Operant Conditioning Task to Measure Song Preference in Zebra Finches

Behavior

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Summary

We describe a technique to evaluate song preference in zebra finches. Females are placed in a two-chambered cage and song preference is measured by the number of times she triggers the playback of one song by landing on a perch within one chamber, compared with triggering a different song in the second chamber. Perch landings are counted using infrared sensors.

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Coleman, M. J., Saxon, D., Robbins, A., Lillie, N., Day, N. F. Operant Conditioning Task to Measure Song Preference in Zebra Finches. J. Vis. Exp. (154), e60590, doi:10.3791/60590 (2019).

Abstract

An operant conditioning paradigm is used to test the song preference of female zebra finches. Finches are placed in a two-chambered cage with a connecting opening and indicate their preference for a song by landing on a perch within each chamber. By interrupting the infrared beam from a photoelectric sensor above each perch, the bird activates the playback of a song through a speaker located on each side of the cage. Freely available software is used to trigger the song playback from each perch. To determine the song preference of each animal, her chamber preference is first identified by triggering no song playback when she lands on each perch. This chamber preference is then compared to her song preference. A minimum activity threshold is set to ensure the preference is real. Using this method, we show that paired females prefer the song of their partner. This method was used to understand the contribution of dopamine to the formation and maintenance of song preference.

Introduction

One of the fundamental questions in biology is how animals form affiliative bonds. In particular, what are the neural mechanisms by which these bonds are made and are these basic mechanisms conserved across vertebrate species? The prairie vole has given clues to some of the neurotransmitter systems that are important for pair-bond formation1,2,3. In particular, dopamine acting through receptors in the nucleus accumbens can induce partner preference in both male and female voles4,5. It is unclear whether the general principles underlying partner preference formation and maintenance are evolutionarily conserved.

Monogamy is more common in birds than in mammals6. Therefore, comparing mechanisms of affiliative behavior in birds to other species is critical to understanding conserved neural foundations7,8,9. In general, across many species of songbirds, male song is thought to serve as an honest indicator of male fitness10,11. Male zebra finch songbirds sing to attract mates and influence the formation of monogamous pairs12,13. Thus, song can be used to determine partner preference in these birds.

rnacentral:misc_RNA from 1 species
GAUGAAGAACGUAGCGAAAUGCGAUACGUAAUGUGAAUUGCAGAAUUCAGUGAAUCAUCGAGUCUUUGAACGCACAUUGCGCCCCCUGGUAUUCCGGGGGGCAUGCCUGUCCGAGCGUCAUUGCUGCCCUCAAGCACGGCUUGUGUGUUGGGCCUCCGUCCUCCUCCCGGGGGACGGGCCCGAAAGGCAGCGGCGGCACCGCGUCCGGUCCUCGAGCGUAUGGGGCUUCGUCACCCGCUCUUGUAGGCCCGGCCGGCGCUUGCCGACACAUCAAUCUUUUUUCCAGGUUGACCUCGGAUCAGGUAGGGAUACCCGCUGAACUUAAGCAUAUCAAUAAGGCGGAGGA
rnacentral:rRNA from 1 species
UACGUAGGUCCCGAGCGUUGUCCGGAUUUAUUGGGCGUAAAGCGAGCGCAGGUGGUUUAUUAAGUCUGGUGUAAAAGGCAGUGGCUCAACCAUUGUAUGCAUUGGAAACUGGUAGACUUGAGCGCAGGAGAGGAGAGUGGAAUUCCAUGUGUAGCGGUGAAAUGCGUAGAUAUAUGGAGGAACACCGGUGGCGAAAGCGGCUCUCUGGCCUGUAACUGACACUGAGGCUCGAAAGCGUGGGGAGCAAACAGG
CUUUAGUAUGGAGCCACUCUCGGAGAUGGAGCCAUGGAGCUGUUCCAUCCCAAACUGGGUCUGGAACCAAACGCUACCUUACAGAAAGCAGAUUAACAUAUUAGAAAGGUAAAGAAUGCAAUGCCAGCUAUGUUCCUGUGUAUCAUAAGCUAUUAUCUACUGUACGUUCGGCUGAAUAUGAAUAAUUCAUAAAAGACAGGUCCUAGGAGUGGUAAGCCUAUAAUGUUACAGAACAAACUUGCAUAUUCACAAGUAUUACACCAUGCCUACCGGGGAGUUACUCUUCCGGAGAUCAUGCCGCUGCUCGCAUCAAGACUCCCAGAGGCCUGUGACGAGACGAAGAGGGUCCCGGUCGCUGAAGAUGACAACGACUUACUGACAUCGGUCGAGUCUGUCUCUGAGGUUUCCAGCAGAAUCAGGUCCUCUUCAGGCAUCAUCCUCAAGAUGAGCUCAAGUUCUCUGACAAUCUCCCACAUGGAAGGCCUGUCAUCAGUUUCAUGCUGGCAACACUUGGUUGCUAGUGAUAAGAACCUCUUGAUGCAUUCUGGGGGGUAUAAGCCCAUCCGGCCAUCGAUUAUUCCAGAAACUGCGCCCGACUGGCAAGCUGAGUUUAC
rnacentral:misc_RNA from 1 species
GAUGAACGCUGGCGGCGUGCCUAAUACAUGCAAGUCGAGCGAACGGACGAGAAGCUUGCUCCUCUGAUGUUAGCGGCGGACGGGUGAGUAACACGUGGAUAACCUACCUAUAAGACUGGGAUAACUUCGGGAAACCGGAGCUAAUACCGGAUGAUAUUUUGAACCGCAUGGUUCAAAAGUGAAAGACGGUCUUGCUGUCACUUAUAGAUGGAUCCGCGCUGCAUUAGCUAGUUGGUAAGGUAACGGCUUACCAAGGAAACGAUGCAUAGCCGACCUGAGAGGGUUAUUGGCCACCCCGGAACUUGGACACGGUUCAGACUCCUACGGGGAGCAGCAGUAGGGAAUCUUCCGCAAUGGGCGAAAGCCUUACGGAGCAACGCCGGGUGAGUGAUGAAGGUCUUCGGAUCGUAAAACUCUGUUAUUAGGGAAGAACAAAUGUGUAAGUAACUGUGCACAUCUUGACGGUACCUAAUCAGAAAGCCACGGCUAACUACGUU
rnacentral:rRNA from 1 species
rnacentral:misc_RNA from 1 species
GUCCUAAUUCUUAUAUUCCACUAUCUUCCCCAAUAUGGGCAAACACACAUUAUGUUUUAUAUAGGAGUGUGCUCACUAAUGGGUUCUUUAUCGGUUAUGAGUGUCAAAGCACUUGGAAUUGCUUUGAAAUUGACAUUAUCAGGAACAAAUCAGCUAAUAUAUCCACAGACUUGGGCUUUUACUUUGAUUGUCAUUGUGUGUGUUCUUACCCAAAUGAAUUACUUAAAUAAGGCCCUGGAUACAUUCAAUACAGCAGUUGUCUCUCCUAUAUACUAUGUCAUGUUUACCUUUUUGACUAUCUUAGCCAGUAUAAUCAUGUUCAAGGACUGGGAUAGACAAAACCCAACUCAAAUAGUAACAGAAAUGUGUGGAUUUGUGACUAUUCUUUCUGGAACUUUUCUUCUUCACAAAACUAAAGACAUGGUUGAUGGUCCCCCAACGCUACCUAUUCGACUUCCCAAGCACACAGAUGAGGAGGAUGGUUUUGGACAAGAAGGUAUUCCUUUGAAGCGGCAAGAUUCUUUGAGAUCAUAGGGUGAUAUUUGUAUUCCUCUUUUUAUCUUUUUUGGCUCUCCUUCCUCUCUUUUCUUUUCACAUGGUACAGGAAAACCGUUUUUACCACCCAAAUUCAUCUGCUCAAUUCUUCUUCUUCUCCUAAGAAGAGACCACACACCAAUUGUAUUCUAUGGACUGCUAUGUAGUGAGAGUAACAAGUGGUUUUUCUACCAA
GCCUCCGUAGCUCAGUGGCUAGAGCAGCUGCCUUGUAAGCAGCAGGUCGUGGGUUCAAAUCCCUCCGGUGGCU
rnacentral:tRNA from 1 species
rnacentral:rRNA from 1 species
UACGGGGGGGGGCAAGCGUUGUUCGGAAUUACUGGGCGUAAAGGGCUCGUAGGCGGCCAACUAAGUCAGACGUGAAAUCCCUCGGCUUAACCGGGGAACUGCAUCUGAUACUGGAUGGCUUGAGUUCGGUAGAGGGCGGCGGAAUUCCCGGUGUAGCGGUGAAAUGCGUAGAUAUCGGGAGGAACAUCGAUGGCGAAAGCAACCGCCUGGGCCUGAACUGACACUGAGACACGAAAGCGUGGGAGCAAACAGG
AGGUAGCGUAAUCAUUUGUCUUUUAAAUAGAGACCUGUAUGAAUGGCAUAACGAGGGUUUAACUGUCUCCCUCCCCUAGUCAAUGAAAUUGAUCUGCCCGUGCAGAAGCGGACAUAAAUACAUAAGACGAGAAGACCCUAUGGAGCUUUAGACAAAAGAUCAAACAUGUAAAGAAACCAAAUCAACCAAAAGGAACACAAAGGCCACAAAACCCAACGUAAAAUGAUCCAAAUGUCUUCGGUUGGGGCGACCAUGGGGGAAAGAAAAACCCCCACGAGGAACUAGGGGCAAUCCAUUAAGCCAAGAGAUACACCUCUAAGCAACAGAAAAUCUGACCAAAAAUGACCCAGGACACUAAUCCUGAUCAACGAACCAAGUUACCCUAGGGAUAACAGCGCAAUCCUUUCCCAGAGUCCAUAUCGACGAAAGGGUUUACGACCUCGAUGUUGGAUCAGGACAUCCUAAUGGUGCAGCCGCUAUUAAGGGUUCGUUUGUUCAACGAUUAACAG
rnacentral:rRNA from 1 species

The mechanisms by which females form a preference for their partner's song is unknown. Mesotocin, the avian homologue of oxytocin, appears to play a role in pair-bond formation in finches14,15. In addition, dopamine has also been shown to play a role in pair-bond formation9,16,17,18. For example, dopamine levels are higher in the nucleus accumbens of paired versus non-paired finches9.

To study the role of neurotransmitter systems on pair-bond formation and maintenance, we measured song preference using an operant testing paradigm equipped with infrared sensors to trigger song playbacks19. The ratio of song playbacks identified the female's preference for a male's song. Prior to the operant conditioning task, each female was isolated for up to 48 h in an anechoic chamber with her partner for 'paired females' or with an unfamiliar male, for 'unpaired females'. To test the effect of dopamine on song preference, unpaired females were treated twice with a D2R dopamine agonist while isolated with the unfamiliar male. This behavioral paradigm is based on previous studies19,20 and is amenable to research by undergraduate students.

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Protocol

All experiments were approved by the Institutional Care and Use Committee of the W.M. Keck Science Department, in accordance to NIH guidelines. All animals used were adults (>90 days post hatch).

1. Construction of Operant Conditioning Chamber

  1. Build a testing cage composed of two identical chambers, 15 x 15 x 17 inch3 each (Figure 1A). Make a small door (as an entrance to each chamber) on the side of the cage near the perches by cutting out a small 4.5 x 6 inch2 window that is 2.5 inchs away from the center of the cage between the chambers. Use a separate piece of the shelving to make a door that covers the window.
    NOTE: The cage is made from wire shelving for closets that can be obtained from any home improvement store. The hinge of the door can be made with zip-ties.
  2. Cut the shelving with wire cutters to make a 4 x 6 inch2 opening between the two chambers to allow the bird to move between chambers.
  3. In each chamber, place a perch 11 inches from the center of the cage and 6 in from the bottom of the cage. Use any perch that is suitable for the type of bird being tested and that will span the width of the cage.